You can’t talk about gaming in Latin America without talking about piracy. The fact that many are developing countries means that life in general is more expensive, and if it’s an imported good like video games it is even more so. Lower wages and video games being more expensive than in other regions means that a lot of people don’t have access to them. But thanks to piracy many people had the opportunity to actually play the games. Many famiclones, which are just clones of the Japanese famicom were available in the markets and pirated games were sold cheaper.
Not only that but pirated games for real consoles also existed at a much lower cost giving access to many to the games. This might’ve hurt Nintendo in the past but it created a legacy of people who grew up with Mario that when those kids finally grew up and finally had the income their parents didn’t bought themselves and their kids official consoles and games.
Even if it wasn’t piracy, there are outside markets called Tianguis in Mexico. These Markets didn’t only sell pirated games, there are many stores that sell official games that they didn’t get through the official distribution system. By not going through all the third parties, they’re able to sell official games at a much lower cost than the official ones and many would allow trade ins as well. So the informal market was able to make the Nintendo Brand bigger. Hell, they really did do a lot, also bringing in Japanese export games and modifying them so they could be played on an American SNES. Anime was huge in Mexico before it ever was in the US so there was a big market for games like Dragon Ball Z that Mexican fans could find in their local markets to play on their SNES.
Did you ever hear about the special orange Mirinda Game Boy Color exclusive to Mexico? Or one of the first latin american Spanish localized games Pokemon? Tons of promotional stuff and exclusives I can’t get into here. Apparently Nintendo of America was always very strict on what they could do and couldn’t but despite that they were able to provide Mexican fans with tons of events that other countries never got the chance. NOA really respected the decisions of what would work in the Mexican market mostly because they always delivered results. This allowed them to even get licensing to do stuff like bed sheets, party materials, even some figures and other stuff. There was a downfall however during the Gamecube era due to sales and distribution problems and Latamel became the new distributor.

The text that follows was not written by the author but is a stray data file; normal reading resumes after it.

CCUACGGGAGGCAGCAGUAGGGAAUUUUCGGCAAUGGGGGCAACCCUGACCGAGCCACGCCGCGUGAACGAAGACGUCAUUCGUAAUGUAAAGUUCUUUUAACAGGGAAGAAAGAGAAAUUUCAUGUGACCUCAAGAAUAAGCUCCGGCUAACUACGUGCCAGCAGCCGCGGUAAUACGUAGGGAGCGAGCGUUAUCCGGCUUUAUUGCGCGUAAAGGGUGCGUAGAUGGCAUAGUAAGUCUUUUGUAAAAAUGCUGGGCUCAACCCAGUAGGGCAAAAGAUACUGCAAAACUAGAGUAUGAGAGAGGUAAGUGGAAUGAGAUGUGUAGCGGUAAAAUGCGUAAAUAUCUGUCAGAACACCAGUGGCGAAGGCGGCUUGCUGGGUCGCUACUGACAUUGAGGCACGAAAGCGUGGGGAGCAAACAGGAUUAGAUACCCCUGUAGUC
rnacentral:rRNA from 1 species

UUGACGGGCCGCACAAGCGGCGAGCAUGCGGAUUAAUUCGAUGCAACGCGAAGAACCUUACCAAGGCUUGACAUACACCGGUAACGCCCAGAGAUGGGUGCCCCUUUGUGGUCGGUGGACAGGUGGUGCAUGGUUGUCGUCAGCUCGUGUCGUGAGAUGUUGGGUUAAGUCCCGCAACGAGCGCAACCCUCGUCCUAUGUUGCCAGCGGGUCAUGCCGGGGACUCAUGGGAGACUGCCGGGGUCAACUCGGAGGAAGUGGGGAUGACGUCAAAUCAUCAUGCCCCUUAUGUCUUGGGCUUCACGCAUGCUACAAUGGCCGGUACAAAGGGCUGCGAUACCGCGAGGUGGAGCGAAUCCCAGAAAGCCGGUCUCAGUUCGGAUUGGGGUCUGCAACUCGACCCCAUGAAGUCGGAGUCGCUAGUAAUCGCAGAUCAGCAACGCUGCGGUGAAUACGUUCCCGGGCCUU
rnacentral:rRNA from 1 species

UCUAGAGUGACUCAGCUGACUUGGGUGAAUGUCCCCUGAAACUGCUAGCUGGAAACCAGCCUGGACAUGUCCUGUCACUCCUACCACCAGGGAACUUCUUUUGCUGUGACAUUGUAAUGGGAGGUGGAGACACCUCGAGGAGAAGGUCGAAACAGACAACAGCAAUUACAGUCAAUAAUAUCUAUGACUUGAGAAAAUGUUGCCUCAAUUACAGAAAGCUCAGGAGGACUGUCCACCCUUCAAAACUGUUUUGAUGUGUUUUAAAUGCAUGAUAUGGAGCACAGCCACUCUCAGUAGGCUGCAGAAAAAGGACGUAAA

In the 2000s and 2010s with a switch of distributor meant that many things changed. Some people say for the worse but despite that there were still plenty of events that kept the brand alive during their darkest times especially the Gamecube and Wii U era. There were still events to promote special big releases like Donkey Kong Country Returns. Annual official Nintendo Races where participants won consoles. And even a small mini E3 called Nintendo Tour. You can find pictures of Mario celebrating his anniversary and many official photo op opportunities. So even while the brand wasn’t as hot adn they had switched to new hands, Nintendo never completely left the country in the 2000s even if they were no longer the dominant player in the gaming market. Of course the Wii era was successful as well and now the Switch era like in most of the world has only made the brand bigger than it’s ever been and Nintendo has definitely taken notice and invested as such.
Nintendo currently see’s Mexico as a huge market. Doug Bowser visited in 2023 and he constantly says hello to the Mexican fans on social media. We’ve seen a lot of promotional material being done for the Switch and their releases. Zelda’s Tears of the Kingdom had huge store displays at selected department stores and there’s always some smaller but Nintendo event where fans can go and take pictures and interact with the brand. For the movie you could find many locations in Mexico City that you could take pictures of different pipes and even sit on the Mario Kart ride. The marketing was all over the place and you’ve seen that with big game releases as well.
The Pokemon Company has recently opened up new offices in Mexico as well, so based on all the success that they’ve had in the region I think it’s probable that they’ll continue to integrate Mexico into Nintendo of America’s strategy in the North American region. I hope this little article has shed some light as to why the Nintendo brand is so big in Mexico, bigger than in all of Latin America and even bigger than most countries around the world.